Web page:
Since they were first held in 1994 in Miami, the summits of the Americas have often produced news different than what their organizers originally intended. After choosing the fight against corruption as the central theme for the 2018 Lima Summit on April 13th and 14th, the leaders of the continent have found themselves in the awkward position of traveling to Peru, a country whose democratically elected President, Pedro Pablo Kuczynski (PPK), recently resigned because of a corruption scandal. Since several Latin American presidents have also been tainted by corruption scandals, the decision to choose probity as the theme of the summit turned out to be both appropriate and uncomfortable. To make matters worse, the decision by U.S. President Donald J. Trump to skip the summit, claiming that he needed to focus on his government’s response to the Syria crisis (though his decision also came in the wake of a potential scandal in his own country). Regardless, Trump’s no-show confirmed the perception that the summit was like a party that everyone would have preferred had been cancelled.
Yet, since many leaders still made it to Peru, the attendees ought to do their best to turn an otherwise desultory gathering into a constructive event. They can do this by returning to the original themes that animated the first summit: democracy and free trade.
By reasserting a commitment to democracy and free trade—despite the unfavorable winds for democracy in parts of Latin America and Trump’s looming trade war—the leaders of the Americas in Lima should make the best out of a gathering that will almost certainly turn out to be the most embarrassing summit in the gathering’s already lackluster history.
To be sure, this is not the first time that a Summit of the Americas has turned sour. In 2005 in Mar del Plata, Venezuelan President Hugo Chávez unceremoniously declared the death of the initiative known as Free Trade Area of the Americas (FTAA) in a parallel protest rally held outside the official meeting site. In 2012, the big news of the summit in Cartagena was a scandal triggered by the U.S. secret service involvement with local prostitutes just days before the summit. In 2015, the big news was the handshake between President Barack Obama and Cuban leader Raúl Castro. And though everyone celebrated the normalization of relations between Cuba and the U.S., the notion that official membership in the hemispheric club required being a democratically elected head of state was quietly buried.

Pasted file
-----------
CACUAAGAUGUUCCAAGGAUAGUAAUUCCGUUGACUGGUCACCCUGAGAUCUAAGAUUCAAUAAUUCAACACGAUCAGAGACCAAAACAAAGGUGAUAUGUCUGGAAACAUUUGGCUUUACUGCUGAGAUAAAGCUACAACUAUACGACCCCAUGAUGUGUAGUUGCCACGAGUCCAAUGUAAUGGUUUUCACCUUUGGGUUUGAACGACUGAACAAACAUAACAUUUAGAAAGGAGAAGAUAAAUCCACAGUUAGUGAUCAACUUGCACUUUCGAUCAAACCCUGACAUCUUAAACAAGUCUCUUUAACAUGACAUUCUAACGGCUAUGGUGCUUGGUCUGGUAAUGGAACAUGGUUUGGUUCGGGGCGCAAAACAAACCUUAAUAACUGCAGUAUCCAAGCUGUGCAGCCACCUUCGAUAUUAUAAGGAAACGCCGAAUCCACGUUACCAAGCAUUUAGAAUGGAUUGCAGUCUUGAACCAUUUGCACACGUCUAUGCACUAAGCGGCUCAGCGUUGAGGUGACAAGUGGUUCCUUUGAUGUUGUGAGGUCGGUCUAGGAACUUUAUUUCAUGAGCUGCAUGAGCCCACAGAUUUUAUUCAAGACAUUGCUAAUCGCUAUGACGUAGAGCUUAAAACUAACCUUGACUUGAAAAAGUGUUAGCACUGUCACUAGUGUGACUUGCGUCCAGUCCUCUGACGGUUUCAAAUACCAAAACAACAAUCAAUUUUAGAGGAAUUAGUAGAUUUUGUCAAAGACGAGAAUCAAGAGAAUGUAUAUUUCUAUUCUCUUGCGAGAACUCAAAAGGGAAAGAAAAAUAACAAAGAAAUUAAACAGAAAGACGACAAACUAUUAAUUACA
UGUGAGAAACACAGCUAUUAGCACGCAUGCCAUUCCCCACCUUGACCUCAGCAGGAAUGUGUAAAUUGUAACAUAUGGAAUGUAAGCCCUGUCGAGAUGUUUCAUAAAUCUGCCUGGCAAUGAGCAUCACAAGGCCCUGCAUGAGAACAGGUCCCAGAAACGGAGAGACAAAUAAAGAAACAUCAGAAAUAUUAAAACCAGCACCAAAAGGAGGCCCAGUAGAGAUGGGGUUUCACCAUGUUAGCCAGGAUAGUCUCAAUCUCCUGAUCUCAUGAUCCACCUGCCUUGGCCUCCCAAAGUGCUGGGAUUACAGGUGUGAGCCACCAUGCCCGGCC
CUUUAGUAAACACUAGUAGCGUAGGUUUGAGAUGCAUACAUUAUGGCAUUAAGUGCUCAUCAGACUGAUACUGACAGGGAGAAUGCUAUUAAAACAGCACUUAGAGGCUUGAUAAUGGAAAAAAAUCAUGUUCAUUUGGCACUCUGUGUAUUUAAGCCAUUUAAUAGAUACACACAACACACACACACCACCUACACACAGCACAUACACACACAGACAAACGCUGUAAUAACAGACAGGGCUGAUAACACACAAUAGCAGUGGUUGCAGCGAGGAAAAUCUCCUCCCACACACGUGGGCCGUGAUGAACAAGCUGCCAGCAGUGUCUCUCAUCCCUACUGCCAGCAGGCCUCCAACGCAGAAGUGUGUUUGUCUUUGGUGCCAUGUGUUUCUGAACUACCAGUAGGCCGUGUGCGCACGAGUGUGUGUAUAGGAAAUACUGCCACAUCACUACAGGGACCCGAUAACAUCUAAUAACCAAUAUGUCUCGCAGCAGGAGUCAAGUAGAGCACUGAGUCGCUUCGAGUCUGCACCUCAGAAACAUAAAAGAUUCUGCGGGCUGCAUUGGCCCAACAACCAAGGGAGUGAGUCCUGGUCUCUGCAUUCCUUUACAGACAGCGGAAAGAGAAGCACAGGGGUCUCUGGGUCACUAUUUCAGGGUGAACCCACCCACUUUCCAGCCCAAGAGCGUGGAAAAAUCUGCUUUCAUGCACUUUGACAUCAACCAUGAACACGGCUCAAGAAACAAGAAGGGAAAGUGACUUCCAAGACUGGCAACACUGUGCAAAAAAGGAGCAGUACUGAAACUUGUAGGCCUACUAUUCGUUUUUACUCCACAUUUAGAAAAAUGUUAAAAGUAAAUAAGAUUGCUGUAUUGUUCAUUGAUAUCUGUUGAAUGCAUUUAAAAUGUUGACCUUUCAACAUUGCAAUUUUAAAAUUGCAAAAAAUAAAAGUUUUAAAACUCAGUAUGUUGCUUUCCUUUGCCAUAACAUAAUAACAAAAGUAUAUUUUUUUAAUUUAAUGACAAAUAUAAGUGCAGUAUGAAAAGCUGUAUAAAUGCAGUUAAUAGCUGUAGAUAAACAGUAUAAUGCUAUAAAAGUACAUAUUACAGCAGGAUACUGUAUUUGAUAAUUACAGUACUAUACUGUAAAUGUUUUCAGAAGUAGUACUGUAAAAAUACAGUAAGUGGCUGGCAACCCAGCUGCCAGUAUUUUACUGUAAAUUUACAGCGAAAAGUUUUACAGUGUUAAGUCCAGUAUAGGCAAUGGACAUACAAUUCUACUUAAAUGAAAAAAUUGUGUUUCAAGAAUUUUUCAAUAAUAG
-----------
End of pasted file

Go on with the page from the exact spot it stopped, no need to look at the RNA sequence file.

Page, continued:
For this year’s pow-wow, leaders will likely want to talk about anything other than the official agenda of fighting corruption. After all, the presidents of Brazil, Mexico and the Dominican Republic—to mention a few—have been tainted by accusations of corruption, and increased transparency has uncovered malpractices and scandals in almost every country.
As if anybody needed additional confirmation, President Trump’s decision to skip the Summit can only be interpreted as disregard for the United States’ southern neighbors. After Trump made insulting Mexico a centerpiece of his campaign, most of his statements about Latin America from the White House have been derogatory. Most recently, Trump threatened aid to Honduras and other Central American countries over an annual migrant caravan. Though he met with Latin American leaders at the U.N. general assembly in September 2017 and a handful of Latin American leaders have visited Trump in the White House—including Argentina’s Mauricio Macri, Colombia’s Juan Manuel Santos, Panama’s Juan Carlos Varela and Peru’s PPK—the U.S. President has made it clear that he is no fan of Latin America. After his meeting with Trump, PPK revealed that Trump told him that he saw Latin America as a good dog sleeping.
Making the best of a bad situation
At a time when the U.S. seems headed for a trade war and President Trump continues to express his distrust of the benefits of free trade, an endorsement of free trade by the rest of the leaders of Latin America would certainly make news and would represent a significant reassurance that the Americas are at odds with President Trump’s protectionist rhetoric.
The call for democracy might make the Cuban delegation uncomfortable—and Cuba might choose to abstain from joining the declaration. But making one leader uncomfortable is much better than letting the summit turn into an embarrassment for all those attending or—at best—lead to another platitude-filled empty declaration full of light commitments that no one will remember or follow up on.
As the leaders of the region gather in a summit that has made news for all the wrong reasons, they should seize the opportunity and issue a simple, short and powerful statement in favor of free trade and commitment to well-functioning democratic institutions.